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"Parang naisip ko rin siyang parang monolith [screen projection]. ‘Yong works ko in general especially mga video naisip ko sila na medyo sculptural sila lagi… Usually sumasakay ako ng escalator. Hindi siya 3D video talaga siya," he says.

 “Untitled” by Miguel Lorenzo Uy
"Untitled" by Miguel Lorenzo Uy
PHOTO BY Christine Chung
 “Untitled” by Miguel Lorenzo Uy
PHOTO BY Christine Chung
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The particular works were modeled first using computer software before rendering to actual objects—a significant aspect for both artists to achieve accuracy and precision, especially in a high-ceiling gallery that requires them to deal with scale and think through the exhibition space.

PHOTO: Christine Chung

Finality in continuity and the necessity of criticality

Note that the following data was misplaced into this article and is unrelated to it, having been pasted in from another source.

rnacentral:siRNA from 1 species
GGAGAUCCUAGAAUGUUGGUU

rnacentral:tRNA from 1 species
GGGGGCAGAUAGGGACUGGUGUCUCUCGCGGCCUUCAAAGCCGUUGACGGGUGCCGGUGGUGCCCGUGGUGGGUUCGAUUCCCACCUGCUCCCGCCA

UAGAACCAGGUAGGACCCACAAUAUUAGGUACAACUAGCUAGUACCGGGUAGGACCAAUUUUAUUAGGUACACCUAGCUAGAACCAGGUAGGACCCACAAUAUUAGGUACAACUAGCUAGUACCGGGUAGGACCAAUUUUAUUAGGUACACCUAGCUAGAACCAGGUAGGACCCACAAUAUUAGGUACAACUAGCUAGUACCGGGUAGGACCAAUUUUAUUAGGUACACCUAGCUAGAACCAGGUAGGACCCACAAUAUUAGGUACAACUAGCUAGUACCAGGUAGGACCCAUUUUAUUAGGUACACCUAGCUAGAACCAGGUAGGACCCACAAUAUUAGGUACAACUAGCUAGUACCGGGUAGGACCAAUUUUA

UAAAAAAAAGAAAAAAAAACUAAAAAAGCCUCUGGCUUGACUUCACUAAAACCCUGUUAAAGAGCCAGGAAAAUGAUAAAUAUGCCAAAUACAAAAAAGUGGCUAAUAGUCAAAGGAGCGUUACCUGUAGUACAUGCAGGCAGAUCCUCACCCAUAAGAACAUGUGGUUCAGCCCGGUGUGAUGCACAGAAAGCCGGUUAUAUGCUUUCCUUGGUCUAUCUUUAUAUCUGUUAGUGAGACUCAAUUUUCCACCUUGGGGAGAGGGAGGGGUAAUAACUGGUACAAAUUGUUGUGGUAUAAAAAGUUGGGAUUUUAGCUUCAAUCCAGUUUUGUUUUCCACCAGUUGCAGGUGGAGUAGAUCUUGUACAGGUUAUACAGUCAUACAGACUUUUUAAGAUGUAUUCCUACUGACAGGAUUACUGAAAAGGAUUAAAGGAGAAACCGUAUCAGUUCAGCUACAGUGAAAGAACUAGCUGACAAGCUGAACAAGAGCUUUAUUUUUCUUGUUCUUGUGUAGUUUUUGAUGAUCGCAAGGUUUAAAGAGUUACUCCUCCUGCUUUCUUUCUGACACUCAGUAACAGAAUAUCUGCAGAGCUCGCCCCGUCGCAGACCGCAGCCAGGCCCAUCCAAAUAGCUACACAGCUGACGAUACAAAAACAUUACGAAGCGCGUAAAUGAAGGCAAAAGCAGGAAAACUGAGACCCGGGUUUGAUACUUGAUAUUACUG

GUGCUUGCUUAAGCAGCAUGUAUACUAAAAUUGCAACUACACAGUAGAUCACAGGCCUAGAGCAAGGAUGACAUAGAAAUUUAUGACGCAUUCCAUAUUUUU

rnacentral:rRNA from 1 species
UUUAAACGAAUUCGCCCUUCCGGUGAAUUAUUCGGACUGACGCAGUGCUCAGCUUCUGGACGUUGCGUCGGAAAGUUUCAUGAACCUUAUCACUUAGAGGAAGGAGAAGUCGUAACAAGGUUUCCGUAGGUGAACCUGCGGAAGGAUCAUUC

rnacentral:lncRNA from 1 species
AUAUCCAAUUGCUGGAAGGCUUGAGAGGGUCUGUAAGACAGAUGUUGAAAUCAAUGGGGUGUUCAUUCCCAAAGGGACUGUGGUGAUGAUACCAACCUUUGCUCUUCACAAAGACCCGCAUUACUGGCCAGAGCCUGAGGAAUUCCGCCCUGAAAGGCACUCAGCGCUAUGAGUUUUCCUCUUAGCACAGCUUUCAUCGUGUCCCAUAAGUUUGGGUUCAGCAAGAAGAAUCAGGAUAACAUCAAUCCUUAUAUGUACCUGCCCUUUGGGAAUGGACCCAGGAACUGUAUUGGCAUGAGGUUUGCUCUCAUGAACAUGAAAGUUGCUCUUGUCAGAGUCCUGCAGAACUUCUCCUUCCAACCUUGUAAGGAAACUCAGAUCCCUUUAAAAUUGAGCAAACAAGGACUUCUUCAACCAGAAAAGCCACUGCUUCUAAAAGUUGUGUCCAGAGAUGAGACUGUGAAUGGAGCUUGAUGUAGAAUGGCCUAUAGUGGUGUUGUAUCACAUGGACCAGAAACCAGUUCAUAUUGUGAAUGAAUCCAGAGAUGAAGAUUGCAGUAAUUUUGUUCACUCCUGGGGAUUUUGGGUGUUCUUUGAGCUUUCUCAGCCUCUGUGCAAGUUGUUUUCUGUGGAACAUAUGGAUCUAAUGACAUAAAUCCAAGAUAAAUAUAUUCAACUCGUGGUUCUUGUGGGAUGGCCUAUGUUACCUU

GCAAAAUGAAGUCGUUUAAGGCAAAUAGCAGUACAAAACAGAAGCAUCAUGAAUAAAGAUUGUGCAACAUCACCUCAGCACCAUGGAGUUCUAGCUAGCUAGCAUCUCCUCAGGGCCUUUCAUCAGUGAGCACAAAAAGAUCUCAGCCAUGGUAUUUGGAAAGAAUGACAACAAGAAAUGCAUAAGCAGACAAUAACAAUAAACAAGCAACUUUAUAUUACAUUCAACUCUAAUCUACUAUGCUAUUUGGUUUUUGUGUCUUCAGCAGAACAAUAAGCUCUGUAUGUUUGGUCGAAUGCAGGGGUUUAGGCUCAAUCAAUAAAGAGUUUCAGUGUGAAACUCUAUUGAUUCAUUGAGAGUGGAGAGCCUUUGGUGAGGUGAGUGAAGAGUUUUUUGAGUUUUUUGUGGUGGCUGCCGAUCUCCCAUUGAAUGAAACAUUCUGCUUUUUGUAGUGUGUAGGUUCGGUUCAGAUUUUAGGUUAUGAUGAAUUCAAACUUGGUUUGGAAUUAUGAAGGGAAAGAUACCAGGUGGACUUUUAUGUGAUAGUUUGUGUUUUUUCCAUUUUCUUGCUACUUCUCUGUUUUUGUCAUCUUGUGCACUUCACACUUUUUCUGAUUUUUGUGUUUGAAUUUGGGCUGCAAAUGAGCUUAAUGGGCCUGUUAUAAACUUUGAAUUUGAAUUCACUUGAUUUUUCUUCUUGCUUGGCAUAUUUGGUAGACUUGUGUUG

Being each other’s critics, Lee and Uy are aware that it takes a different level of comfort to trust someone in giving honest, and sometimes, candid feedback. Lee states that collaboration entails having "communication," "compromise," and "connection" which she admittedly established with Uy by working together on previous projects. 

This very connection and familiarity between them are what make the works in dialogue with each other that is not forced nor incidental. The intersections in their own body of works may be in the form of light albeit not intentionally.

A Past, A Future exhibition, installation with Celine Lee
PHOTO BY Christine Chung
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"Mas nagiging closely related na rin siya in a way to each other’s work ‘yong mga possibly naisip namin… When I worked with mirror[s], I think ‘yon ‘yong directly medyo related na sa kanya dahil sa light and I think he’s done a mirror work before din," Lee elaborates.